Lowdown on formula milk

By admin
15 August 2014

If you’re giving your baby formula milk you may have some basic – but important – questions. Here’s some advice on the safe use of formula.

Why is milk important?

During the first year of your child’s life, milk is the most important item in their diet.

  • It’s high in calcium, which is important for growing bones and teeth. Calcium is more easily absorbed by the body from milk than from vegetables.
  • It’s also a good source of protein.
  • It provides a multitude of vitamins, especially vitamin A (in the milk fat) and B-group vitamins.

The right amount of formula

It can be confusing trying to work out how much formula to give your baby every day. It depends on your baby's age, weight and whether you're feeding them only formula, or giving it along with breast milk or solids.

If your baby isn’t eating yet, they’ll want between 150 ml and 200 ml of formula per kilogram of their body weight every day. So, if your baby weighs 3 kg, they'll need between 450 ml and 600 ml of formula over a 24-hour period to satisfy their hunger.

How much formula your baby needs depends not only on their weight but also on their age. Here’s a rough guide to help you work out how much to give your baby:

  • The first two weeks: Try giving your baby between 60 ml and 70 ml at each feed. They won’t be able to manage much more than this in one go.
  • From two weeks  to two months: Your baby will probably want between 75 ml and 105 ml at each feed. They’ll consume anywhere from 450 ml to 735 ml in a day.
  • Between two and six months:Your babymay want between 105 ml and 210 ml at a feed.
  • At six months: Your babymay want between 210 ml and 240 ml at a feed. Their total formula intake may be around 900 ml a day.
  • After your baby's one year old: Your baby can switch from drinking formula to cow’s milk.

How to use formula safely

·         Check the expiration date –  It may be tempting to grab a can and run when you're shopping with a fussy baby but taking a few seconds to check the use-by date helps ensure safety and quality.

  • Keep the powder formula cool Heat degrades the ingredients and nutrients in formula, so keep unopened formula stored in a cool place.
  • Don’t wait too long after opened Once you've opened a can of powdered formula use it within a month.
  • Use clean and sterilised bottles To reduce the risk of contamination, all bottles and feeding equipment must be sterilised until your baby is at least three months old.
  • Store the liquid formula in the back of the refrigerator, where it’s coldest Discard formula after 24 hours in the fridge. Never freeze formula. Use a cooler with ice packs to transport bottles.
  • Learn the symptoms of food-borne illnesses The most common symptoms are vomiting and diarrhea.  If you notice these symptoms, call your baby's doctor right away.

The signs your baby’s allergic to formula

According to Jan Barger, a lactation consultant, themostcommon food allergy or sensitivity among babies is to cow’s milk protein, found in most formula.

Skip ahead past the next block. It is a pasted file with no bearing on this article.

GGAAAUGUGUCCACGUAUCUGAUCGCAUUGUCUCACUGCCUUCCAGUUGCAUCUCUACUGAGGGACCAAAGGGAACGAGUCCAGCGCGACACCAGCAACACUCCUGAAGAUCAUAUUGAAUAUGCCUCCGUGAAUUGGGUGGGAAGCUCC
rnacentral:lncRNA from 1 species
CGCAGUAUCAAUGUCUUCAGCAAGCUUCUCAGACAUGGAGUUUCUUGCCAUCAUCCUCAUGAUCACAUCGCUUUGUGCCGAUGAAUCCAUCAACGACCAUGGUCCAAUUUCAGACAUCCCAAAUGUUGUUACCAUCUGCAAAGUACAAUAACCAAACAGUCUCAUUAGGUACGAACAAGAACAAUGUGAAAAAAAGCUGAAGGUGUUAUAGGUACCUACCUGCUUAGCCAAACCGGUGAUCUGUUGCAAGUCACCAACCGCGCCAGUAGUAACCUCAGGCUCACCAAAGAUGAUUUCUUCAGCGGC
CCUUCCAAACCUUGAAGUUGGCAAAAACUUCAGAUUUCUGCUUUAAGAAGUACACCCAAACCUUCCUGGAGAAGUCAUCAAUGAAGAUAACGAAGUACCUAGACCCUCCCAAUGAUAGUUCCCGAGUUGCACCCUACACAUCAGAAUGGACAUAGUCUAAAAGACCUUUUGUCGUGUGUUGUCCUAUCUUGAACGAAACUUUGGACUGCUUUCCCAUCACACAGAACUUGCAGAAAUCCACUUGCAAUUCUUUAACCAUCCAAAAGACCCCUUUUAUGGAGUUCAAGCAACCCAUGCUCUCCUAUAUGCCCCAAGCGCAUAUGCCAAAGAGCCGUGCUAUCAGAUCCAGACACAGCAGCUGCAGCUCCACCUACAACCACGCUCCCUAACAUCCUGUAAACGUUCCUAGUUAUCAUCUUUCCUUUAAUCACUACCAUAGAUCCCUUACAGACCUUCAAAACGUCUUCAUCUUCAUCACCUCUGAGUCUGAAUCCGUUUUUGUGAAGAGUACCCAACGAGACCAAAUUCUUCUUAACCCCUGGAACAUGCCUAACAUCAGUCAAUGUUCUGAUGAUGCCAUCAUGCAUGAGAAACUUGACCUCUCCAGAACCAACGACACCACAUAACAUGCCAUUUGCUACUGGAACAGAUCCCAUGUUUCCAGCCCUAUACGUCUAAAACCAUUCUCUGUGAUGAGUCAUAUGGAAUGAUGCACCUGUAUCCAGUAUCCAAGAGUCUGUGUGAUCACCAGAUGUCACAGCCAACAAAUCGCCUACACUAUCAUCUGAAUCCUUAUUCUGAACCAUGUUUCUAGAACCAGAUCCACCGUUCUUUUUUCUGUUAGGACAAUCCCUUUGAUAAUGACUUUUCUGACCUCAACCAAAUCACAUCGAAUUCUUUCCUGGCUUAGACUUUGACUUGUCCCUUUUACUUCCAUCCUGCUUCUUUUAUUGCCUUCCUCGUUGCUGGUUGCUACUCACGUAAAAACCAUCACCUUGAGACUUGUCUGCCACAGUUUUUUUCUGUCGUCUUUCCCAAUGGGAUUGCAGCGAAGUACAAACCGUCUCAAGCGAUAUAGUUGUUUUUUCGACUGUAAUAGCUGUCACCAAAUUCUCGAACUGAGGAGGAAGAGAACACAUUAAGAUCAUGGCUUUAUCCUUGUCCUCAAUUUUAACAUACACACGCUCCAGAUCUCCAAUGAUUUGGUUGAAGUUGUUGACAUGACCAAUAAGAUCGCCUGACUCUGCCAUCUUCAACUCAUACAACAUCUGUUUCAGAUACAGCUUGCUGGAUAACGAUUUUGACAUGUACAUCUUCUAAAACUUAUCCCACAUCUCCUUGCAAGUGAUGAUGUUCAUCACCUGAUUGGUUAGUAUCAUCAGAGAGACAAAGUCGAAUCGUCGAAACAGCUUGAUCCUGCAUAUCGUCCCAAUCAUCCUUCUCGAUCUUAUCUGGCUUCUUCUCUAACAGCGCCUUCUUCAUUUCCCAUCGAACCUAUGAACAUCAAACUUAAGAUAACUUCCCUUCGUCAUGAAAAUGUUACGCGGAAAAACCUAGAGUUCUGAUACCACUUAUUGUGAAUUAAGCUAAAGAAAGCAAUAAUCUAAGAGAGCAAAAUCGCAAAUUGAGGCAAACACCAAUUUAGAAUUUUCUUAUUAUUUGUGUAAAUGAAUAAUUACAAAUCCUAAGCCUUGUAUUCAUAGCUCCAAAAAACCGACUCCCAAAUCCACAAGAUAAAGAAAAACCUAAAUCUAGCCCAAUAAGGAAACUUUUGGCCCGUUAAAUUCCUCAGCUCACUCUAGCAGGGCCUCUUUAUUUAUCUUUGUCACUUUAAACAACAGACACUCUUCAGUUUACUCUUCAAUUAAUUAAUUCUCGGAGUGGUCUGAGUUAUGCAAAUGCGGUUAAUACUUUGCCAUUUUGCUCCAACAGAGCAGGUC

Some of the most obvious signs of this sensitivity include a rash, hives, eczema (dry, flaky patches of skin, especially around the forehead), and vomiting.

“You should be aware of more subtle clues too. Shortly after you've started or finished a feeding, watch for signs such as continual fussiness or crying and obvious discomfort,” says Barger.

When to replace formula with solids

When you introduce your baby to solids at about six months they won’t be eating a wide enough variety of foods to give them all the nutrients they need. So it’s important to carry on giving your baby formula milk until they’re a year old.

Once your baby is fully established on solids, their daily intake of formula milk is likely to gradually decrease to about 600 ml a day.

Putting cow’s milk on the menu

Cow's milk becomes a big part of your child's diet when they pass the 12-month mark. Whole or full-fat milk is usually the beverage of choice at this age because your little one needs fat to fuel their growth and their considerable energy needs. You should give your child this until they’re at least two years old.

Nutritionists recommend one-year-olds drink no more than 350 ml of milk a day. Parents of reluctant milk drinkers can try mixing whole milk with some breast milk or formula at first then slowly increase the amount of milk to 100 percent.

Alternatives to formula

Besides breastfeeding and cow’s milk, there aren't really any other good alternatives to formula for your baby.

  • Tap water is healthy and freely available, and also helps protect against tooth decay. Most children enjoy water if they get into the habit of drinking it from a young age. Start by setting a good example yourself and always have water available for the whole family.

  • Tea and coffee shouldn’t be given to children. These are low in nutrition and high in caffeine. Caffeine can make it difficult for the body to absorb iron and may cause sleeping problems.

  • Only offer fruit juice, cordial and sweetened drinks diluted with water on special occasions and resist having them in the house. Drinking too much juice can give toddlers diarrhea, and can cause tooth decay and excess weight gain.

-Janine Nel

Sources: todaysparent.com, about.com, netmums.com, parenting.com

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